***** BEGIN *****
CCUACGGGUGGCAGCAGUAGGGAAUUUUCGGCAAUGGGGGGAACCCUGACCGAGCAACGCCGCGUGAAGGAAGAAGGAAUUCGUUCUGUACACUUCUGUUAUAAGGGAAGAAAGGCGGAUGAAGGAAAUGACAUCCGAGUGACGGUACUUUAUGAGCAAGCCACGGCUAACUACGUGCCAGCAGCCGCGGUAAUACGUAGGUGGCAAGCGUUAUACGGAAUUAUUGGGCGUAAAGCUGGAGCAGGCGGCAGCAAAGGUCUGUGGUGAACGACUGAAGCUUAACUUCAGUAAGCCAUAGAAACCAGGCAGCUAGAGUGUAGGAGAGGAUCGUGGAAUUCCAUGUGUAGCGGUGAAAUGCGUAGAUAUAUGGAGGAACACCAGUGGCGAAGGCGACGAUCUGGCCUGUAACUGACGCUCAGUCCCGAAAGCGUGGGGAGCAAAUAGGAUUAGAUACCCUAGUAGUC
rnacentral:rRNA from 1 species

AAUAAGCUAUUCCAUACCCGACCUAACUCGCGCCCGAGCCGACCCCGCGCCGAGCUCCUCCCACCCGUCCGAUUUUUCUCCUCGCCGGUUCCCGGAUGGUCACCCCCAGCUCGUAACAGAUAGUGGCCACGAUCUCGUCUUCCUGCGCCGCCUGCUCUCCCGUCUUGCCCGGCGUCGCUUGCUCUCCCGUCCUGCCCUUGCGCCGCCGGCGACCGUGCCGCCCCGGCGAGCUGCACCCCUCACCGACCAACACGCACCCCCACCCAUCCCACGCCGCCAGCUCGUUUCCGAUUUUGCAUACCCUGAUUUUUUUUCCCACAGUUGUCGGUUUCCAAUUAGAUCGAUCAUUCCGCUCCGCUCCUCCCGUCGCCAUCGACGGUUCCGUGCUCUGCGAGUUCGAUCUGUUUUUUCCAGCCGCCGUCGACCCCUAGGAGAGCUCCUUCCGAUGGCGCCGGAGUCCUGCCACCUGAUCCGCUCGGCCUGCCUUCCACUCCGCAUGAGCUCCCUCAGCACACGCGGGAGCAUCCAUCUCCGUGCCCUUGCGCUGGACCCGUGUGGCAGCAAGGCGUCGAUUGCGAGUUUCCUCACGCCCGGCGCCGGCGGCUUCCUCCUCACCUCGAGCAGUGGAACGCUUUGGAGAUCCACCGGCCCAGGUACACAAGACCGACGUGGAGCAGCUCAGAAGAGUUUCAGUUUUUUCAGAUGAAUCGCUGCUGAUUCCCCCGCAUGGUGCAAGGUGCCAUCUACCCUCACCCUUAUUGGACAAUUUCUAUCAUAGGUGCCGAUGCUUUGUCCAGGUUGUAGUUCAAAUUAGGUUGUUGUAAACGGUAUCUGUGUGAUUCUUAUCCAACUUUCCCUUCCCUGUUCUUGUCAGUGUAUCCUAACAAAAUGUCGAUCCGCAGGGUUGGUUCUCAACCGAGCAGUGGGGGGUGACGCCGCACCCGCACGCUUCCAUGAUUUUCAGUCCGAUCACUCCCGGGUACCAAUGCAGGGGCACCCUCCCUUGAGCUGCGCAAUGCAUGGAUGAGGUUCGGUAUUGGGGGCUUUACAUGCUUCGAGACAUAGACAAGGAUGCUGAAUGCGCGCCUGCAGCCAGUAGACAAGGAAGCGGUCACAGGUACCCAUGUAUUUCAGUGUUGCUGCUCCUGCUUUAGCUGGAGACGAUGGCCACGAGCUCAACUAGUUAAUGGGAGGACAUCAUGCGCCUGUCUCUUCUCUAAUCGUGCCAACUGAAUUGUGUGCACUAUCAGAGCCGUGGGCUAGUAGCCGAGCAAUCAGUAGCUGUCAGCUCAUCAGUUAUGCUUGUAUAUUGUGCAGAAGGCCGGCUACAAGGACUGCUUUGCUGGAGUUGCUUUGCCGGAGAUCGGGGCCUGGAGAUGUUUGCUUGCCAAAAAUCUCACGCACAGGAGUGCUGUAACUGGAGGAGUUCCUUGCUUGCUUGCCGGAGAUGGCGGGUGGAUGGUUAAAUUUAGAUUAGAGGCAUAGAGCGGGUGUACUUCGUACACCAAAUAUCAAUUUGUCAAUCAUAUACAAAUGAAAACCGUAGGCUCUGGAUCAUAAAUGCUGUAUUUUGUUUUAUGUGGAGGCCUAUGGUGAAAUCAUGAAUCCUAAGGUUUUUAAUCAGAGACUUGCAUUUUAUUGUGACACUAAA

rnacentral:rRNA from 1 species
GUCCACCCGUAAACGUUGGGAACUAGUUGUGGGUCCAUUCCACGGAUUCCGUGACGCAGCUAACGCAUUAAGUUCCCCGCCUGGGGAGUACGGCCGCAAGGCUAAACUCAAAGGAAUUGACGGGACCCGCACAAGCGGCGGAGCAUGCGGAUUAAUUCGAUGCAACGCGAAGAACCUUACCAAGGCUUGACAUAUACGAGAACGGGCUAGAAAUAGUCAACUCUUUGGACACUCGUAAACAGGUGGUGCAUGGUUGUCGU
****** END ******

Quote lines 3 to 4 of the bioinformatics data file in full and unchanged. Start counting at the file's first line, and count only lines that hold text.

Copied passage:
AAUAAGCUAUUCCAUACCCGACCUAACUCGCGCCCGAGCCGACCCCGCGCCGAGCUCCUCCCACCCGUCCGAUUUUUCUCCUCGCCGGUUCCCGGAUGGUCACCCCCAGCUCGUAACAGAUAGUGGCCACGAUCUCGUCUUCCUGCGCCGCCUGCUCUCCCGUCUUGCCCGGCGUCGCUUGCUCUCCCGUCCUGCCCUUGCGCCGCCGGCGACCGUGCCGCCCCGGCGAGCUGCACCCCUCACCGACCAACACGCACCCCCACCCAUCCCACGCCGCCAGCUCGUUUCCGAUUUUGCAUACCCUGAUUUUUUUUCCCACAGUUGUCGGUUUCCAAUUAGAUCGAUCAUUCCGCUCCGCUCCUCCCGUCGCCAUCGACGGUUCCGUGCUCUGCGAGUUCGAUCUGUUUUUUCCAGCCGCCGUCGACCCCUAGGAGAGCUCCUUCCGAUGGCGCCGGAGUCCUGCCACCUGAUCCGCUCGGCCUGCCUUCCACUCCGCAUGAGCUCCCUCAGCACACGCGGGAGCAUCCAUCUCCGUGCCCUUGCGCUGGACCCGUGUGGCAGCAAGGCGUCGAUUGCGAGUUUCCUCACGCCCGGCGCCGGCGGCUUCCUCCUCACCUCGAGCAGUGGAACGCUUUGGAGAUCCACCGGCCCAGGUACACAAGACCGACGUGGAGCAGCUCAGAAGAGUUUCAGUUUUUUCAGAUGAAUCGCUGCUGAUUCCCCCGCAUGGUGCAAGGUGCCAUCUACCCUCACCCUUAUUGGACAAUUUCUAUCAUAGGUGCCGAUGCUUUGUCCAGGUUGUAGUUCAAAUUAGGUUGUUGUAAACGGUAUCUGUGUGAUUCUUAUCCAACUUUCCCUUCCCUGUUCUUGUCAGUGUAUCCUAACAAAAUGUCGAUCCGCAGGGUUGGUUCUCAACCGAGCAGUGGGGGGUGACGCCGCACCCGCACGCUUCCAUGAUUUUCAGUCCGAUCACUCCCGGGUACCAAUGCAGGGGCACCCUCCCUUGAGCUGCGCAAUGCAUGGAUGAGGUUCGGUAUUGGGGGCUUUACAUGCUUCGAGACAUAGACAAGGAUGCUGAAUGCGCGCCUGCAGCCAGUAGACAAGGAAGCGGUCACAGGUACCCAUGUAUUUCAGUGUUGCUGCUCCUGCUUUAGCUGGAGACGAUGGCCACGAGCUCAACUAGUUAAUGGGAGGACAUCAUGCGCCUGUCUCUUCUCUAAUCGUGCCAACUGAAUUGUGUGCACUAUCAGAGCCGUGGGCUAGUAGCCGAGCAAUCAGUAGCUGUCAGCUCAUCAGUUAUGCUUGUAUAUUGUGCAGAAGGCCGGCUACAAGGACUGCUUUGCUGGAGUUGCUUUGCCGGAGAUCGGGGCCUGGAGAUGUUUGCUUGCCAAAAAUCUCACGCACAGGAGUGCUGUAACUGGAGGAGUUCCUUGCUUGCUUGCCGGAGAUGGCGGGUGGAUGGUUAAAUUUAGAUUAGAGGCAUAGAGCGGGUGUACUUCGUACACCAAAUAUCAAUUUGUCAAUCAUAUACAAAUGAAAACCGUAGGCUCUGGAUCAUAAAUGCUGUAUUUUGUUUUAUGUGGAGGCCUAUGGUGAAAUCAUGAAUCCUAAGGUUUUUAAUCAGAGACUUGCAUUUUAUUGUGACACUAAA

rnacentral:rRNA from 1 species